In supervised learning, we assume that a huge amount of past observations was available. But this is not always the case and having those observations can be very costly. For instance if you want
to predict if a medecine will have effect, it could be a very bad idea to test the medecine at random on millions of people ... Furthermore, when learning from past observation one can only learn
from what have been explored. For example, in the path example, if nobody took the road on a sunday it will be impossible to predict the impact of this day. Reinforcement Learning on the other hand
suppose no past observation at the begining.
Let's take again the path from A to B example. The only thing we know is that there are 10 differents path from A to B. And each time we want to take the road we have to choose a path. In
reinforcement learning it is called an action. But we don't want to take a path at random, we want it to be the quicker. In reinforcement learning we say that we want to minimize the regret,
the regret being the difference between the best path and the path we choose. But how to know the best path if we have no previous observation ? We have to explore ! That is we have to test
each path. Maybe you can see a problem here. We have to test each path, but we want to choose the best. This is called the exploration-exploitation dilemma. The exploration being we test each
path, the explotation being to choose the best path given the previous test. We can say that supervised learning proceed in two separates step:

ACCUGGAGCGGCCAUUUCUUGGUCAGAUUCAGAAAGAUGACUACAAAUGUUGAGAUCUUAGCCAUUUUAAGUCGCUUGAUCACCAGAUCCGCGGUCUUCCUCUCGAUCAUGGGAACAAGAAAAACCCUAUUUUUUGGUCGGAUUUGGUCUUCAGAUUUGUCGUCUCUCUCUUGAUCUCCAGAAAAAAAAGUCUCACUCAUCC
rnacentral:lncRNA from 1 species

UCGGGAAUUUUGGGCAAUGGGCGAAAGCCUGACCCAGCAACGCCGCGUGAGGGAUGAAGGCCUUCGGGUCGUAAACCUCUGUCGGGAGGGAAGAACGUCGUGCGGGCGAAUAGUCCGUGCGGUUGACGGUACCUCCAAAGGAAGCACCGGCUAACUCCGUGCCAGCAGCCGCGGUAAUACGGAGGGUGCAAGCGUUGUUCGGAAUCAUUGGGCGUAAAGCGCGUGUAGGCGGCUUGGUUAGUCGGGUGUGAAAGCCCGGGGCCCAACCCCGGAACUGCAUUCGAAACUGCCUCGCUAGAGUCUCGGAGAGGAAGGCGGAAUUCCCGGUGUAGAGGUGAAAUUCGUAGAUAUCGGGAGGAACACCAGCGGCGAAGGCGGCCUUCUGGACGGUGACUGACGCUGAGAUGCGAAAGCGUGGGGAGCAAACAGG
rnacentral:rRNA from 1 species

- the first one is pure exploration, it is how we collect observations
- the seconde one is pure exploitation, we construct a model to tell us which one is the best path
But there much more better way to do so. If you took each path 1 time, you could rank each path from the best one to the worst one. But is the worst really the worst ? Maybe it is bad luck, it
was the longest this time because of an accident that time or something else. So you have to test it again to be sure it is the worst. But after a while, you want to stop to test the bad paths
and put more effort in exploration amoung the good paths to find the best.
That is what reinforcement learning does: it defines a strategy to find the best action to perform in order to minimize the regret. This strategy being iteratative: the agent choose an action
and received a reward which depend on the environnement.
Unlike supervised learning, unsupervised learning does not have an output to predict, the goal is to create group of observations. For instance, one would like to group a list of news articles
in order to be able to present same by categories. We do not know in advance how many group of articles their are. Once again a human could do that. You take the first article read it, then read
the second one, if it seems similar to the first one you add it to the pile, if not you start a new pile. And do so until the last article is classify. But if their are millions of articles,
this could be a very long task for a human ... Unsupervised learning algorithm try to group observations that have similar variable and get groups as homogeneous as possible within each group and
as heterogeneous as possible between each group.